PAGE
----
With the new Xbox and PlayStation systems approaching a year after launch, we’re starting to get a better glimpse of what these systems are capable of. Joining the years-old Nintendo Switch, the modern console market is unquestionably the most powerful yet, but is it the most diverse? In some ways, such as the greater emphasis on backward compatibility, these new machines are absolutely spreading their wings. In other major areas, like that of online browser gaming, however, the new consoles tend to fall short. Looking at this development through the lens of online casino gaming, we want to explore why this is so disappointing, and what it means for the future of these consoles.
What is Online Casino Gaming?
Though it’s existed in many different forms over the years, modern online casino gaming tends to operate in a very simple and user-friendly manner. Here, users only really need to connect to a casino website to enjoy the thrill of online roulette, for example, in all its many forms. Whether playing 20p Roulette, European, Quantum, or any other style, connecting and getting started is a streamlined experience on desktops, laptops, and mobile systems. So, why do consoles struggle?
No Browsing Without a Browser
The basic core issue holding two of the three main consoles back is the lack of a freely accessible web browser. Of Nintendo, Sony, and Microsoft, only Microsoft openly includes a browser, though the Switch can be hacked to include one in an unofficial sense. The reasons for this disparity are largely unstated, but they likely come down to concerns of safety and investment.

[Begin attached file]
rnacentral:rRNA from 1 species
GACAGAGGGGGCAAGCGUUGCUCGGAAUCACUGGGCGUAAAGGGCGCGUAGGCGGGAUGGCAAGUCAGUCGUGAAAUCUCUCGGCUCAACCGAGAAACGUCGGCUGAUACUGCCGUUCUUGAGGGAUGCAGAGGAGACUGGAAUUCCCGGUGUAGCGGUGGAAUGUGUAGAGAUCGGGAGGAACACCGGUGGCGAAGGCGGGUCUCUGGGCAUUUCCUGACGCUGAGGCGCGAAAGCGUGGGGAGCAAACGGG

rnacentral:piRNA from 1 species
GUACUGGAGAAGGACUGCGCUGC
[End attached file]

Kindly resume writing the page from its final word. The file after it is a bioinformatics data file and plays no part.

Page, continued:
Microsoft, which already owns Windows and has been developing browsers for decades, understands fully the demands of web browsers. Since the Xbox systems aren’t too far off PCs, porting their browsers over to consoles was somewhat simple. That said, even the Series X and S browsers are more limited than their PC counterparts. Though in many cases they can run online casino games, this can be clunky and problematic.
The problem Microsoft has to fight here, which made Nintendo and Sony give up entirely, are probably concerns of console safety. This doesn’t necessarily mean that they’re afraid of consoles being damaged by websites, but instead their reasoning revolves around avoiding vulnerabilities that could allow unofficial games. Online casino games, like many other web games, are completely trusted and safe, but this isn’t the case for every web title. Some websites even let players freely emulate entire consoles, opening up libraries that cause licensing concerns for the console manufacturers.
By lacking browsers, the big downside for console players is a limitation of choice. In a contemporary sense, systems like online casinos are a prime example here. There are many thousands of cutting-edge online casino games that players engage with easily on PC and mobiles, so being unable to play these on ostensibly dedicated gaming machines is a major disappointment. Going even further to the library of tens of thousands of other online games developed over the decades, and the concern becomes even more pronounced.
So, what could or will be done? Ultimately, this question likely comes down to a cost/benefit equation for console manufacturers. At the moment at least, the focus on major traditional video games for the systems comes first and foremost. Though this could change as the 9th generation continues, the odds of later inclusion seem poor at best. It’s not a part of this generation that we love, and it might be something to keep in mind for those on the fence as they choose which new system to invest in.